Speaking at the BFFF’s annual Luncheon this week Stone said British consumers had ‘fallen in love with frozen food’ during the pandemic and that this, combined with heightened interest in environmental issues, has created the perfect platform from which frozen can continue to grow.
“Consumers have discovered what we have always known; frozen foods are easy to store and cook, with little wastage. Quality and taste are fantastic and there is a wide range of menu choices. It means we have seen nearly £1bn added to the value of retail sales above that of 2019,” Stone said.
“We need to seize this pivotal moment.”
Early in the pandemic in 2020 it was revealed that sales of fish fingers and frozen peas skyrocketed while Frozen food sales boomed by £285m in the 12 months to 22 March 2020 due to the impact of the coronavirus pandemic.
Stone, who is also chief commercial officer and managing director of Wiltshire Farm Foods, part of the apetito group, said more needs to be done to highlight the sustainability benefits of frozen food.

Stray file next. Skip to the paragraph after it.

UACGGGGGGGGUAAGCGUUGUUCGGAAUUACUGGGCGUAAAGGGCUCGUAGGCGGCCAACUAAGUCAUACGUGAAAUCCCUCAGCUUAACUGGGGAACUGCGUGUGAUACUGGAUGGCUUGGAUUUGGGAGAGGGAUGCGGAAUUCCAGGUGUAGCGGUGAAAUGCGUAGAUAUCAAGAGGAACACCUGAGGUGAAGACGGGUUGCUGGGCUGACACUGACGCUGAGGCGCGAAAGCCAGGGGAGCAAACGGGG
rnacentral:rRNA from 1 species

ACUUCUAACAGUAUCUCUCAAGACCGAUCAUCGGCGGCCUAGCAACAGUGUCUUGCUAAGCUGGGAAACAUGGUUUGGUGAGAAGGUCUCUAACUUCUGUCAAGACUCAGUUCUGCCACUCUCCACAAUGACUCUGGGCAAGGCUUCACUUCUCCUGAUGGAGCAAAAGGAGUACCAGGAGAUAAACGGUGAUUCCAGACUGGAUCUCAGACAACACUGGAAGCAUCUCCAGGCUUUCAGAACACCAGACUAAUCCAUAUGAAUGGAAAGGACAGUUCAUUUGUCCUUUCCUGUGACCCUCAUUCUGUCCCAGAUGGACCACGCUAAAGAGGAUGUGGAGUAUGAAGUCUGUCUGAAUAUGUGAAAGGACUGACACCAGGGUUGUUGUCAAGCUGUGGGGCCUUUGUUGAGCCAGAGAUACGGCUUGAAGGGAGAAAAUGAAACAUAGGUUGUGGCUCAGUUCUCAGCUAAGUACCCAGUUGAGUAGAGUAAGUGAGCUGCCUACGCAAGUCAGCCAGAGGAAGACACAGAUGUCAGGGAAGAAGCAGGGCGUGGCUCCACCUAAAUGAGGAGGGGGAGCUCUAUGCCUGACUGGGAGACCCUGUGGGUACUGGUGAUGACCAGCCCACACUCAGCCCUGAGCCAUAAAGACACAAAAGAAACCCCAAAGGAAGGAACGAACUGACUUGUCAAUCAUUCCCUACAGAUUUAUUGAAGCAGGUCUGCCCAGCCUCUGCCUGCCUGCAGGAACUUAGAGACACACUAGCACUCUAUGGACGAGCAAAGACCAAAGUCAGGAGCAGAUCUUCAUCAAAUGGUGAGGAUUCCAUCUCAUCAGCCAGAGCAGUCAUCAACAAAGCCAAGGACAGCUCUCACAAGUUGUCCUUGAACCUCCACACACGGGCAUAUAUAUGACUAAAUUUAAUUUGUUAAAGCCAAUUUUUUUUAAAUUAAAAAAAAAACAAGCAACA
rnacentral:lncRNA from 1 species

In response the Federation is planning to run a Frozen Food Week in September 2022 to highlight the role frozen can play in reducing food waste.
“As a nation we waste 9.5m tonnes of food per year. Of that, nearly 7m tonnes is simply thrown away. By encouraging consumers to buy more frozen food we could dramatically impact this figure,” Stone said.
“Fresh vegetables and salads are the largest single area of food waste, with 3m carrots and 1m onions alone being thrown away every single day. Manufacturing a frozen product is often undertaken with longer production runs, resulting in less change overs and minimising lost raw materials. It is a more efficient process from start to finish.”